Monday, June 17, 2019

Cabin Top

This week has been all about the cabin top initial fitting.  Travis helped me get it down from the overhead last week and its been a dusty several hours since then.  The good news is the top is on and fitted with most of the holes drilled.  I still have to drill the center support post but once thats done it will be time to remove it for lots of upgrades/modifications.  I'm glad to get this part of the project almost done because of the magnitude of fiberglass to be worked.  I don't really mind working with fiberglass but with the size of this piece it made it much harder to move around.  Not only that but I cut my hands several times on sharp edges trying to manhandle the darn thing.

Next up is to fit and install the overhead console.  Then there is a huge list of tasks that I want to get done before I do the final install.  These final steps include riveting the last two skins on and I think I want to take advantage of the access to install wiring, brackets, nut plates, firewall stuff, you get the idea.

One thing you will probably notice is that I moved the airplane into the main part of the garage.  I just didn't have room in the small bay to work on the cabin top.  I may take down the temporary wall at this time but I'm not sure that now is the right time.  I don't like leaving any of our cars in the driveway more than necessary, especially during the hot summer months.

First, or second, or third attempt at getting it to fit.  There was a LOT of cutting and sanding to get it to this stage.  You may notice that at this time the top didn't quite sit down against the fuselage.

Getting closer....

Ok, it fits, now its time to cleco the rear skin on so it can be drilled.  This took at least three more on/off cycles to get the fit just right.

All edges drilled for riveting.  

Look at all the dust and debris in there!  Just a small sample, believe me!
Countersunk screw holes for bolting the forward half of the cabin top to the airframe.

"When it starts to looks like an airplane you are half way done"...well its starting to look like an airplane.  :-)

Sunday, June 9, 2019

Controls installed

It's kind of funny but the title of this post is "Controls Installed" which is not technically correct.  I've completed most of the work of configuring and installing the controls in the cockpit but there are still a number of steps that will happen later in the build as things start to come together.  Anyway for now that section of the plans is complete as is the flap controls and the rear seats.  No modifications to the controls but I will have to strip/prime/paint the control sticks.  See the picture below for more details.

There are no pictures of the rear seats because I used the seat frames that I built for the 9A.  When I purchased the new seats for it they came with their own frame so these were extra.  Now they have a home and they are identical to the rear seats that are designed for the 10.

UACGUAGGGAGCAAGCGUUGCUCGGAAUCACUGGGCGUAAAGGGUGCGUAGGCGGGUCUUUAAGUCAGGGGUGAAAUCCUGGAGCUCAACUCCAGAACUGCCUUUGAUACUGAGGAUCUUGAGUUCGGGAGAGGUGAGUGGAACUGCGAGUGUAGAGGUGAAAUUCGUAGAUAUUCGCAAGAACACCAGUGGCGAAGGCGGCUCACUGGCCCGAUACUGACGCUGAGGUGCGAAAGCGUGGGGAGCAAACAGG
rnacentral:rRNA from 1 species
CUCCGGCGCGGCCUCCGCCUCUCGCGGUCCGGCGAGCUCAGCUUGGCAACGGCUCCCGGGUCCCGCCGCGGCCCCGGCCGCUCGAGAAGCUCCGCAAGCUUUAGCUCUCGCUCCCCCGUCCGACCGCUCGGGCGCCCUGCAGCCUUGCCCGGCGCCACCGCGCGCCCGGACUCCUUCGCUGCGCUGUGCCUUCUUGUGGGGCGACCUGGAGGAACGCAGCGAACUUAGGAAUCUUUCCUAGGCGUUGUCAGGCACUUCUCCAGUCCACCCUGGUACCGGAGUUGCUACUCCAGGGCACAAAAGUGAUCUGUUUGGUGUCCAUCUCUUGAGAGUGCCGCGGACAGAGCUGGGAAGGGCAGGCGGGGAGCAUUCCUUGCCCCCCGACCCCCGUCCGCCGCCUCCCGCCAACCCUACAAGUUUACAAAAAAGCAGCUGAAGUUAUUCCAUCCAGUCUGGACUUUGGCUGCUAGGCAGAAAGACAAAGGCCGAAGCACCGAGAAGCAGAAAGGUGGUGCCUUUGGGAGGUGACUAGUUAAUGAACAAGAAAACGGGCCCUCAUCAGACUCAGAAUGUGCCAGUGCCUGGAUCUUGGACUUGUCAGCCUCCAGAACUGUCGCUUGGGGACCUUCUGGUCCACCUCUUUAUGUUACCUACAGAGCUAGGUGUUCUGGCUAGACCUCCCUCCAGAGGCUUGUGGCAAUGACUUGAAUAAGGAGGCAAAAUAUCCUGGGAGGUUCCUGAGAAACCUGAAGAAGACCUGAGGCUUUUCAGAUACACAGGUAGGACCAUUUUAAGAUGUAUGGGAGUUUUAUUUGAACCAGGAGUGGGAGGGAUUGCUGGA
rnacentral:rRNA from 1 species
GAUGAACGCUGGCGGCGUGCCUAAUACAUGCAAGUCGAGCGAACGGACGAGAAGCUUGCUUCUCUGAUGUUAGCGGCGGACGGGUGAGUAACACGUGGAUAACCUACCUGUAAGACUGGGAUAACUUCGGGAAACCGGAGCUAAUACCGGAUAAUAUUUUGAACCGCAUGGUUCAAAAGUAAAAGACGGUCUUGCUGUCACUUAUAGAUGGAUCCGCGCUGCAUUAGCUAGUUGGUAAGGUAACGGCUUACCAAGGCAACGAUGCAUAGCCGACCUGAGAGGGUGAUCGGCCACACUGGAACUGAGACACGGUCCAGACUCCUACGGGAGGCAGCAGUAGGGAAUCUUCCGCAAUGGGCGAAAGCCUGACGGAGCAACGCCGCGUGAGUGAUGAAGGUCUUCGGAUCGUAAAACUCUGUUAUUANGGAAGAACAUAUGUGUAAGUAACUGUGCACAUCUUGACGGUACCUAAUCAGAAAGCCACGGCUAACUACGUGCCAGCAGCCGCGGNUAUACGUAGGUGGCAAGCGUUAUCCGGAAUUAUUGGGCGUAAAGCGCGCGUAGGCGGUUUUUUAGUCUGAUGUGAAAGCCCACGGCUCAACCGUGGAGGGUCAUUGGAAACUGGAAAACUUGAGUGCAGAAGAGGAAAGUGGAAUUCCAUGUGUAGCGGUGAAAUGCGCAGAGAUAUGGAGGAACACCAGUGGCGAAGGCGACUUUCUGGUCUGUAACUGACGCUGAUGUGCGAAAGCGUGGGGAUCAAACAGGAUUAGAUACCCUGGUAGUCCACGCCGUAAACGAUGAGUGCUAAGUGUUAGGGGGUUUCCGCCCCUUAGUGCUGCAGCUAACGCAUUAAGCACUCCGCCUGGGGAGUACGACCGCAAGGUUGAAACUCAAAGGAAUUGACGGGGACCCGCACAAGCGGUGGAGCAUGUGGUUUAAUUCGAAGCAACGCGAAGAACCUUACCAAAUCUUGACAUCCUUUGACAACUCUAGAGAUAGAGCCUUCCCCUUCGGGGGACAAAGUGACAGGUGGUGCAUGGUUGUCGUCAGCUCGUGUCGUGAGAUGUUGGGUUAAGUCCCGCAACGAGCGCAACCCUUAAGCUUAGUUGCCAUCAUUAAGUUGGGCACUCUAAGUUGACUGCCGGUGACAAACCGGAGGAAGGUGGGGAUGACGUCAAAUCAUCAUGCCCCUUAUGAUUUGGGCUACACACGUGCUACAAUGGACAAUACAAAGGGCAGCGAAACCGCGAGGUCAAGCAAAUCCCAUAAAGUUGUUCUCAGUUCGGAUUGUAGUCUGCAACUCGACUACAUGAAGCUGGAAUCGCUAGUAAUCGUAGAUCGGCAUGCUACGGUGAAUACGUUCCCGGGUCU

Here is a picture I didn't want to see.  If you look closely at the powder coating on the control stick you will notice that it has a "hammered" look.  I've seen this before and its actually corrosion under the powder coating.  I pulled the control stick back out of the airplane and ran a scrap of aluminum over the "bumps" and this is what I got.  Rust.  I will have to completely strip the powder coating off of the sticks and then prime/paint them.  

Flap motor and actuation mechanicals installed.

I had a little fun this week as well.  This is the oil cooler mount that gets mounted on the firewall.  I decided to install an over-sized oil cooler on this engine so I don't have any issues with oil temperature.  However, the oil cooler mount is sized for a standard 3 row oil cooler.  So, I had to do a little modification.  I simply cut the opening larger by trimming the top of the mount all the way up to the edge.  Then I fabricated and riveted a piece of aluminum angle to the top of the mount.  Add a few nut plates and I now have a cooler mount that fits the 15 row oil cooler perfectly!

A little better view of the front of the mount.

Sunday, June 2, 2019

Fuel System aft of the firewall

As I've mentioned before I am planning on installing the SDS EM-5/6 electronic fuel injection system in my airplane.  This weekend I took some time to try to finish up the fuel system aft of the firewall and while I think I have it mostly complete there are still a few steps to be completed.

The line on the right is the supply line coming from the fuel tank.  In this line I have a ball valve and a holey filter.  The ball valve will be lock wired open but will allow me to isolate the fuel filter from the fuel tank when it comes time to inspect the filter.  The middle line is the return line from the duplex valve to the tank.  The line on the left is the brake line.

I had to drill a new penetration hole for the return line.  This gives you an idea of where it is in relation to the other two lines and the control rod.

Interestingly enough you may notice that the return lines run up and over the control tube.  I've seen others put 90 degree elbows in and run the line straight down and then aft to the bulkhead fitting.  I tried that but found that it could interfere with the forward and aft motion of the controls.  Its really hard to tell right now since I don't have the tail feathers installed which means I don't know the exact location of the stops.  This seemed to be a good alternative.